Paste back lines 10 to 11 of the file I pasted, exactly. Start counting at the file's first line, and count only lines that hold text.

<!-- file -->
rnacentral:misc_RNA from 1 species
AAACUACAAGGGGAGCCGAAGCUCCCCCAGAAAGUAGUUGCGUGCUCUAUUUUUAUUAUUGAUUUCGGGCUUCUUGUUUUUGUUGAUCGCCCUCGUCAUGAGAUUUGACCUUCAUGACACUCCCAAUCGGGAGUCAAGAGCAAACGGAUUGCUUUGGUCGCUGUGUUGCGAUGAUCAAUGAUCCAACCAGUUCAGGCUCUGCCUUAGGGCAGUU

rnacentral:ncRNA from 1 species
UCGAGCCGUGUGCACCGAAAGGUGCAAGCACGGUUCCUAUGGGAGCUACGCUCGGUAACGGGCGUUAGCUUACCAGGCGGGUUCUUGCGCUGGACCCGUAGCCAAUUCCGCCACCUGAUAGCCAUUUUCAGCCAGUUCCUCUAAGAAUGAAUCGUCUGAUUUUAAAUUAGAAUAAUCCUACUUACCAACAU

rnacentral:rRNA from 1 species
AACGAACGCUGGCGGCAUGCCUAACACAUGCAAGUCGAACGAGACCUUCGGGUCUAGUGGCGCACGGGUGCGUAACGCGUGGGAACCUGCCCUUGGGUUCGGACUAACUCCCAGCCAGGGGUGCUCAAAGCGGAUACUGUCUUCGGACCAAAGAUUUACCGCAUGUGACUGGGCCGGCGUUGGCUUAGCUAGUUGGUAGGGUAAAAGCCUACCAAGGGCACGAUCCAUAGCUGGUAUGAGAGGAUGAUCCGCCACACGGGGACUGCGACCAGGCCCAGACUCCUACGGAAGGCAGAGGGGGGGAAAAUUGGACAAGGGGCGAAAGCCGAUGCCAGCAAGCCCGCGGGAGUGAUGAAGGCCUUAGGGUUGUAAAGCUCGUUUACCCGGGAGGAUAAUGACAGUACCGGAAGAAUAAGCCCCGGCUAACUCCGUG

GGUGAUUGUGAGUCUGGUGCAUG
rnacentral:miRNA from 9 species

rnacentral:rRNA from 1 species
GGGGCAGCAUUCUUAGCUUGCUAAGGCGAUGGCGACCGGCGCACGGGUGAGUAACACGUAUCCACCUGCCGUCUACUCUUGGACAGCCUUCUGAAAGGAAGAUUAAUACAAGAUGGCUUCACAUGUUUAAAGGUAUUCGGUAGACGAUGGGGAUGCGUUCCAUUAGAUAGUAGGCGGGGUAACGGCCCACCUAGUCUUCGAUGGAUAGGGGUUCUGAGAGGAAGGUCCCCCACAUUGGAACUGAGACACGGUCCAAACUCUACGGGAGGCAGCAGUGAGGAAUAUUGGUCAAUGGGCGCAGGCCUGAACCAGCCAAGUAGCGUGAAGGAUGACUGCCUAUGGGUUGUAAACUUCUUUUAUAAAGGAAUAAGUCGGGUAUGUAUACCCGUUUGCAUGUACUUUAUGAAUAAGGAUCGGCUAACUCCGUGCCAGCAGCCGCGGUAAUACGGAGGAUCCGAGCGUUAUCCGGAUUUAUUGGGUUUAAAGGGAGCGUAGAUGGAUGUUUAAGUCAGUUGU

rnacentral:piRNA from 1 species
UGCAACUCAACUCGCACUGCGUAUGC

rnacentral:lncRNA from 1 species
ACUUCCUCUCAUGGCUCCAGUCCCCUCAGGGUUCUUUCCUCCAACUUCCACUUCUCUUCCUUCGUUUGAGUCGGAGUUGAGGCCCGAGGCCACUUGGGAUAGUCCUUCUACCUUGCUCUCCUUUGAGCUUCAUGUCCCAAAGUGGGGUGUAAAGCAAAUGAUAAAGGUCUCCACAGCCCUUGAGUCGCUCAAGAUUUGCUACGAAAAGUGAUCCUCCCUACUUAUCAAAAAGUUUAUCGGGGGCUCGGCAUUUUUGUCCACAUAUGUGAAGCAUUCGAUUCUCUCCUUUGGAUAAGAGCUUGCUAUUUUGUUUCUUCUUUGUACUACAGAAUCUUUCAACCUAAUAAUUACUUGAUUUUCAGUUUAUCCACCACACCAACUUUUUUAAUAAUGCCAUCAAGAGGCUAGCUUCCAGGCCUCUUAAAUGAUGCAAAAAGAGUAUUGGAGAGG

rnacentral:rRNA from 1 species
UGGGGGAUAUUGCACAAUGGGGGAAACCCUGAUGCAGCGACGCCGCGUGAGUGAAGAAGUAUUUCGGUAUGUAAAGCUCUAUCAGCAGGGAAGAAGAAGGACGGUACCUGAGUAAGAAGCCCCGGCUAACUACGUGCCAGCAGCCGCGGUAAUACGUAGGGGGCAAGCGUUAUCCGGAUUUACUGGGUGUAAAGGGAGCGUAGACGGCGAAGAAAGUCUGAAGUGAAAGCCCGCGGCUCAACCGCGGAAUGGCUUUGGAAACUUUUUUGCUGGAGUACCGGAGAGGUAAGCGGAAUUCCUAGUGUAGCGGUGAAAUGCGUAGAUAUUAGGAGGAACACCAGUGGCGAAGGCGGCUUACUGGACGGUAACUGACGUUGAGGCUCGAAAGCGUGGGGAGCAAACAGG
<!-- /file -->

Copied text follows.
GGGGCAGCAUUCUUAGCUUGCUAAGGCGAUGGCGACCGGCGCACGGGUGAGUAACACGUAUCCACCUGCCGUCUACUCUUGGACAGCCUUCUGAAAGGAAGAUUAAUACAAGAUGGCUUCACAUGUUUAAAGGUAUUCGGUAGACGAUGGGGAUGCGUUCCAUUAGAUAGUAGGCGGGGUAACGGCCCACCUAGUCUUCGAUGGAUAGGGGUUCUGAGAGGAAGGUCCCCCACAUUGGAACUGAGACACGGUCCAAACUCUACGGGAGGCAGCAGUGAGGAAUAUUGGUCAAUGGGCGCAGGCCUGAACCAGCCAAGUAGCGUGAAGGAUGACUGCCUAUGGGUUGUAAACUUCUUUUAUAAAGGAAUAAGUCGGGUAUGUAUACCCGUUUGCAUGUACUUUAUGAAUAAGGAUCGGCUAACUCCGUGCCAGCAGCCGCGGUAAUACGGAGGAUCCGAGCGUUAUCCGGAUUUAUUGGGUUUAAAGGGAGCGUAGAUGGAUGUUUAAGUCAGUUGU

rnacentral:piRNA from 1 species